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Why is malaria associated with poverty? Findings from a cohort study in rural Uganda

Overview of attention for article published in Infectious Diseases of Poverty, August 2016
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About this Attention Score

  • In the top 25% of all research outputs scored by Altmetric
  • High Attention Score compared to outputs of the same age (89th percentile)
  • High Attention Score compared to outputs of the same age and source (95th percentile)

Mentioned by

policy
1 policy source
twitter
21 tweeters
facebook
1 Facebook page

Citations

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41 Dimensions

Readers on

mendeley
191 Mendeley
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Title
Why is malaria associated with poverty? Findings from a cohort study in rural Uganda
Published in
Infectious Diseases of Poverty, August 2016
DOI 10.1186/s40249-016-0164-3
Pubmed ID
Authors

Lucy S. Tusting, John Rek, Emmanuel Arinaitwe, Sarah G. Staedke, Moses R. Kamya, Jorge Cano, Christian Bottomley, Deborah Johnston, Grant Dorsey, Steve W. Lindsay, Jo Lines

Abstract

Malaria control and sustainable development are linked, but implementation of 'multisectoral' intervention is restricted by a limited understanding of the causal pathways between poverty and malaria. We investigated the relationships between socioeconomic position (SEP), potential determinants of SEP, and malaria in Nagongera, rural Uganda. Socioeconomic information was collected for 318 children aged six months to 10 years living in 100 households, who were followed for up to 36 months. Mosquito density was recorded using monthly light trap collections. Parasite prevalence was measured routinely every three months and malaria incidence determined by passive case detection. First, we evaluated the association between success in smallholder agriculture (the primary livelihood source) and SEP. Second, we explored socioeconomic risk factors for human biting rate (HBR), parasite prevalence and incidence of clinical malaria, and spatial clustering of socioeconomic variables. Third, we investigated the role of selected factors in mediating the association between SEP and malaria. Relative agricultural success was associated with higher SEP. In turn, high SEP was associated with lower HBR (highest versus lowest wealth index tertile: Incidence Rate Ratio 0.71, 95 % confidence intervals (CI) 0.54-0.93, P = 0.01) and lower odds of malaria infection in children (highest versus lowest wealth index tertile: adjusted Odds Ratio 0.52, 95 % CI 0.35-0.78, P = 0.001), but SEP was not associated with clinical malaria incidence. Mediation analysis suggested that part of the total effect of SEP on malaria infection risk was explained by house type (24.9 %, 95 % CI 15.8-58.6 %) and food security (18.6 %, 95 % CI 11.6-48.3 %); however, the assumptions of the mediation analysis may not have been fully met. Housing improvements and agricultural development interventions to reduce poverty merit further investigation as multisectoral interventions against malaria. Further interdisplinary research is needed to understand fully the complex pathways between poverty and malaria and to develop strategies for sustainable malaria control.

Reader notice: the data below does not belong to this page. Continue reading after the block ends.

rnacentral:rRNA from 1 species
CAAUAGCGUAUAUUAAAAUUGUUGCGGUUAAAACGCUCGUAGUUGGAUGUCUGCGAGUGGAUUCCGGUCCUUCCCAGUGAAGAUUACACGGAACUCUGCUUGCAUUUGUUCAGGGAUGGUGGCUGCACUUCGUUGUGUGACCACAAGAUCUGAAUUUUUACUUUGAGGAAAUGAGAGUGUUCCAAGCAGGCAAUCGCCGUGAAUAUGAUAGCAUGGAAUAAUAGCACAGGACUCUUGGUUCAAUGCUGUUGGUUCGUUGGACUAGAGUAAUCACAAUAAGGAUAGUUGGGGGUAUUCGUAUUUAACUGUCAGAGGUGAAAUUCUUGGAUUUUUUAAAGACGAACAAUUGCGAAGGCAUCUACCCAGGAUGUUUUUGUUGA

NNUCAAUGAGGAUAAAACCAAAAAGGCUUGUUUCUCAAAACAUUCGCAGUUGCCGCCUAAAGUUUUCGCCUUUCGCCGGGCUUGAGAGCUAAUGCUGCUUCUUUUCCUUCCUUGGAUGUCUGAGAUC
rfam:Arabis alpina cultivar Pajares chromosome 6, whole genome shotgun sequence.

Twitter Demographics

The data shown below were collected from the profiles of 21 tweeters who shared this research output. Click here to find out more about how the information was compiled.

Mendeley readers

The data shown below were compiled from readership statistics for 191 Mendeley readers of this research output. Click here to see the associated Mendeley record.

Geographical breakdown

Country Count As %
Colombia 1 <1%
Unknown 190 99%

Demographic breakdown

Readers by professional status Count As %
Student > Master 35 18%
Student > Ph. D. Student 27 14%
Researcher 24 13%
Student > Bachelor 19 10%
Student > Doctoral Student 12 6%
Other 31 16%
Unknown 43 23%
Readers by discipline Count As %
Medicine and Dentistry 40 21%
Nursing and Health Professions 23 12%
Agricultural and Biological Sciences 22 12%
Biochemistry, Genetics and Molecular Biology 11 6%
Social Sciences 7 4%
Other 38 20%
Unknown 50 26%

Attention Score in Context

This research output has an Altmetric Attention Score of 16. This is our high-level measure of the quality and quantity of online attention that it has received. This Attention Score, as well as the ranking and number of research outputs shown below, was calculated when the research output was last mentioned on 01 January 2021.
All research outputs
#1,949,047
of 22,783,848 outputs
Outputs from Infectious Diseases of Poverty
#82
of 893 outputs
Outputs of similar age
#38,865
of 367,028 outputs
Outputs of similar age from Infectious Diseases of Poverty
#1
of 23 outputs
Altmetric has tracked 22,783,848 research outputs across all sources so far. Compared to these this one has done particularly well and is in the 91st percentile: it's in the top 10% of all research outputs ever tracked by Altmetric.
So far Altmetric has tracked 893 research outputs from this source. They typically receive more attention than average, with a mean Attention Score of 8.1. This one has done particularly well, scoring higher than 90% of its peers.
Older research outputs will score higher simply because they've had more time to accumulate mentions. To account for age we can compare this Altmetric Attention Score to the 367,028 tracked outputs that were published within six weeks on either side of this one in any source. This one has done well, scoring higher than 89% of its contemporaries.
We're also able to compare this research output to 23 others from the same source and published within six weeks on either side of this one. This one has done particularly well, scoring higher than 95% of its contemporaries.